IocContainer.Resolve<AppInfo>().DayNightModeChanged += 
                     new Action<bool>(DayNightMode_Changed);

// this handles the action so that we can update the DayMode property in this class. 
// the DayMode property in this class is the one that the windows are bound to.
private void DayNightMode_Changed(bool result)
    DayMode = result;

When DayMode is set in ViewModelBase, we raise the OnPropertyChanged event, passing in the string “DayMode”.

public bool DayMode
    get { return (bool)GetValue(DayModeProperty); }
        SetValue(DayModeProperty, value);

// this is to make use of the UpdateSourceTrigger attribute in the xaml code.
protected virtual void OnPropertyChanged(string propertyName)
    PropertyChangedEventHandler handler = this.PropertyChanged;
    if (handler != null)
        var e = new PropertyChangedEventArgs(propertyName);
        handler(this, e);

Given that all Views implement ViewModelBase, all Views that bind to DayMode will receive the property change. The following demonstrates the binding.

The Binding

I have a User Control named Header. The DataContext of Header is set to HeaderViewModel (remembering that HeaderViewModel implements ViewModelBase). During that assignment, we also assign DayMode = true. This is used during design time only, so that the change in appearance can be observed.

<!--<span class="code-comment">Design time data--></span>
    <ViewModels:HeaderViewModel DayMode="True"></ViewModels:HeaderViewModel>

I set up the style of the Grid in my Header using DataTriggers...

<Grid x:Name="myGrid">
        <Style TargetType="{x:Type Grid}">
                        Binding="{Binding Path=DayMode, UpdateSourceTrigger=PropertyChanged}"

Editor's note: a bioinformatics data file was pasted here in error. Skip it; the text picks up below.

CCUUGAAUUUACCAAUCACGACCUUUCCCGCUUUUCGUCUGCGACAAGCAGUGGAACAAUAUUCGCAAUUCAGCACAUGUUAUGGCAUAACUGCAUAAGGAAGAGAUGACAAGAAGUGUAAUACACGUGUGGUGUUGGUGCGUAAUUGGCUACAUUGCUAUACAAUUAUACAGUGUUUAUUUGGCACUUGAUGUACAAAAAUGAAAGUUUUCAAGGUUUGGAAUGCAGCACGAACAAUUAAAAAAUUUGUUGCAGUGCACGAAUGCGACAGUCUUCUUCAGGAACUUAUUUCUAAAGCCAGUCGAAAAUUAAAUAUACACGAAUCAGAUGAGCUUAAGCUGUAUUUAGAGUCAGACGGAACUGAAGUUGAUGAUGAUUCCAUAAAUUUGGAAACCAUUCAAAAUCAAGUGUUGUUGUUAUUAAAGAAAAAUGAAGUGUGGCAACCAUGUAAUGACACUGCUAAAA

<Setter Property="Background">
                            <LinearGradientBrush StartPoint=".5,0" EndPoint=".5, 1">
                                <GradientStop Color="Black" Offset="0.0" />
                                <GradientStop Color="#6F6F6F" Offset="0.95" />
                                <GradientStop Color="Black" Offset="1.0" />
                <DataTrigger Binding="{Binding Path=DayMode, 
                                       UpdateSourceTrigger=PropertyChanged}" Value="true">
                    <Setter Property="Background">
                            <LinearGradientBrush StartPoint=".5,0" EndPoint=".5, 1">
                                <GradientStop Color="#ECECEC" Offset="0.0" />
                                <GradientStop Color="#CCCCCC" Offset="0.95" />
                                <GradientStop Color="Black" Offset="1.0" />

Notice how there are two DataTriggers bound to DayMode. They both get updated by the PropertyChanged event. One checks for true and one for false. The grid takes on the style properties in their respective DataTriggers depending on the value of DayMode.


By setting up more properties in this way, we can dynamically update the appearance of the UI with very little code.


This article, along with any associated source code and files, is licensed under The Code Project Open License (CPOL)


About the Author

Software Developer The IMS Company
United States United States